The Toraja Tribe of South Sulawesi, Indonesia, is known for the cheerful way of treating death, and its unique burial grounds carved in sheer rock.
One of the most beautiful tourist destinations of Indonesia, the green hills of South Sulawesi are home to the Toraja, a tribe that still honors the old Austronesian lifestyle, similar to Nias culture. Most tribe members are Christians, converted during Dutch colonization, but traces of their old beliefs still remain and are most visible during funeral festivities and burial customs. The Toraja are obsessed with death, but not in a tragic sense; to them funerals are a lot like going-away parties celebrated by sacrificing dozens of buffaloes and pigs for a feast enjoyed by the entire community.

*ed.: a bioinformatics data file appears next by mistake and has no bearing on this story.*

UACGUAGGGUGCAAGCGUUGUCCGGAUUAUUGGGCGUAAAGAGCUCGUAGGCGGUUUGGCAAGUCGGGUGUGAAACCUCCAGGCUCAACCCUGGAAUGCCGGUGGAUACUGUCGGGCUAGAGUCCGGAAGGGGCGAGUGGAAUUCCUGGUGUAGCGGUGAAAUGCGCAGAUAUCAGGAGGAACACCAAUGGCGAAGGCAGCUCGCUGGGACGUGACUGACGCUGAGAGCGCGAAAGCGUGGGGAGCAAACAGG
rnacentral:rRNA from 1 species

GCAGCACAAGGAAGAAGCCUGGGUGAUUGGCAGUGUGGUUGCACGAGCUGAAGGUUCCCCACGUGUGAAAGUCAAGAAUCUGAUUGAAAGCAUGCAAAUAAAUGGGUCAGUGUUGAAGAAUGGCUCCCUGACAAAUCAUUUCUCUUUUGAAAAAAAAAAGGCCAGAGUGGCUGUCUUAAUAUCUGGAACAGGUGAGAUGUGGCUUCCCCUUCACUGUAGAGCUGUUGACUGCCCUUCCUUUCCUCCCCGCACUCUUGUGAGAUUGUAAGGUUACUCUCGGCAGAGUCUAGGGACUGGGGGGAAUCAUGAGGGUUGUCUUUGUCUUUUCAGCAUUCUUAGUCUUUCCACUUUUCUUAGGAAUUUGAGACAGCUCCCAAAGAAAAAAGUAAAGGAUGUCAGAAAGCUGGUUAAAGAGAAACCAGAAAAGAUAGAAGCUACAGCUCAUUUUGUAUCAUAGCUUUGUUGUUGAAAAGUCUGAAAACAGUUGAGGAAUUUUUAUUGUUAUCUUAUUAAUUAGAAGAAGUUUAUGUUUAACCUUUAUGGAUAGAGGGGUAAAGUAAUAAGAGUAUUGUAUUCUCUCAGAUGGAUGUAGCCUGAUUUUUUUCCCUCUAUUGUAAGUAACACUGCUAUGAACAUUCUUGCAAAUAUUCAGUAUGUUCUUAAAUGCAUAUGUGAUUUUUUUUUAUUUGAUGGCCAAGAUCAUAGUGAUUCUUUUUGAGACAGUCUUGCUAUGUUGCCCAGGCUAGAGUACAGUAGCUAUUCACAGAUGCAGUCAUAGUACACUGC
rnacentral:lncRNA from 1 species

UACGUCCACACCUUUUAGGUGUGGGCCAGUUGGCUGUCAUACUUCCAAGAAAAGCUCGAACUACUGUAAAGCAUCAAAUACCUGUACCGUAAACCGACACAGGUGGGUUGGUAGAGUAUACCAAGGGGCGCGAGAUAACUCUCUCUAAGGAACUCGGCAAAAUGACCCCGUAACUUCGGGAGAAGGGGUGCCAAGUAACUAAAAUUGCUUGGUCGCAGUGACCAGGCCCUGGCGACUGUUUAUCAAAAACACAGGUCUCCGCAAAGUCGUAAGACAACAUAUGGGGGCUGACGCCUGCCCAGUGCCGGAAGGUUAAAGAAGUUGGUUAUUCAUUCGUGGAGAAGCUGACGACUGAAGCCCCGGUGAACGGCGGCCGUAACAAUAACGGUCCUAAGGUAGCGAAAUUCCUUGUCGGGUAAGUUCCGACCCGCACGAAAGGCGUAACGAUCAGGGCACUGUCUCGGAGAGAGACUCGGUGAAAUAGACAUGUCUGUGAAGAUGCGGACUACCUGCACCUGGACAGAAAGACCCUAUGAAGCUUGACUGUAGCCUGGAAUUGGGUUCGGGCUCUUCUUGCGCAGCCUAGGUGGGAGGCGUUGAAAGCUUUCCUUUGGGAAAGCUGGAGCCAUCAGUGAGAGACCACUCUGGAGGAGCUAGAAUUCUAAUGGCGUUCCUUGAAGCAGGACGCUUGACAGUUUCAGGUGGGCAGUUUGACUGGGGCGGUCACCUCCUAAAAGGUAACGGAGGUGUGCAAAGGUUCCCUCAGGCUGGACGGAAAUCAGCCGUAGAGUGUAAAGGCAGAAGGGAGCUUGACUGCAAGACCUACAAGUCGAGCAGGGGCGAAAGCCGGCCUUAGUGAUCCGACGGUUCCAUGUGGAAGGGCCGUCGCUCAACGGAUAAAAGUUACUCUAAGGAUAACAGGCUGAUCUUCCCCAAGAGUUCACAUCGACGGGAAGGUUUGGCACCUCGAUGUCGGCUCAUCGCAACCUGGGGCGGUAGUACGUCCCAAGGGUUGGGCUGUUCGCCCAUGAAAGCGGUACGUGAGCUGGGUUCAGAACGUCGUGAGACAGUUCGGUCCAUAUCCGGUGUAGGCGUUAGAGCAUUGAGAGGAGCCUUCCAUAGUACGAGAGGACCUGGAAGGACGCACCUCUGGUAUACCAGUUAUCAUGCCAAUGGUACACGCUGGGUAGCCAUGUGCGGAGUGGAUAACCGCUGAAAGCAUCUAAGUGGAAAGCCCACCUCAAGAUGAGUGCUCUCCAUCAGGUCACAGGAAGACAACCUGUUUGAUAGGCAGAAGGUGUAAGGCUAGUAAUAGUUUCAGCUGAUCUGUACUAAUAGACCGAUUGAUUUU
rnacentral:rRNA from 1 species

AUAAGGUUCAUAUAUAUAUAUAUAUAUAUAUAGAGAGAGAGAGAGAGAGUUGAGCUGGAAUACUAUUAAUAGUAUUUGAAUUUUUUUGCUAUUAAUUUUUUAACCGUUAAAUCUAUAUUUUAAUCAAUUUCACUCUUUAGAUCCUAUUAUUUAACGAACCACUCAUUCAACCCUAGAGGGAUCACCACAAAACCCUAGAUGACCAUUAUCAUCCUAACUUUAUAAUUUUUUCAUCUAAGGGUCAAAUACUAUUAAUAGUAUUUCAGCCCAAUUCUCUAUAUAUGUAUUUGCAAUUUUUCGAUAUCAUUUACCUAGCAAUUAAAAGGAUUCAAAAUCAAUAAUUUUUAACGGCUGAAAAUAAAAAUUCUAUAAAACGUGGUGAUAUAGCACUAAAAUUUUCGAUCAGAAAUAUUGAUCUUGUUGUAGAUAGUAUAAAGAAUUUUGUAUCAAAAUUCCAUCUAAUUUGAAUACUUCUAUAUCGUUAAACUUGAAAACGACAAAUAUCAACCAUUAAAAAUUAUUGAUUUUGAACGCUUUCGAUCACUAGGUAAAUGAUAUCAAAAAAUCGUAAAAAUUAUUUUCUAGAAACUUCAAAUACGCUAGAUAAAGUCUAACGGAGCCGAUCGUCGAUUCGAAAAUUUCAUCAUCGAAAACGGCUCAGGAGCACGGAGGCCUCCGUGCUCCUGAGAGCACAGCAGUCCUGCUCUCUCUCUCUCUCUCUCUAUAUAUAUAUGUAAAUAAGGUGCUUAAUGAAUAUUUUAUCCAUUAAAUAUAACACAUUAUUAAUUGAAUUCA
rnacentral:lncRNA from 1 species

The main concern of a Toraja tribe member is to make sure he raises enough money so his family can throw the best party in town, when he leaves this world. Their bodies are stored under the family home for years after their death. During this time the remaining relatives refer to that person not as “the deceased” but as “the sick”, and raise money for the actual funeral, which is usually attended by hundreds of guests. Tourists are welcome to attend the festivities, as long as they don’t wear black or red.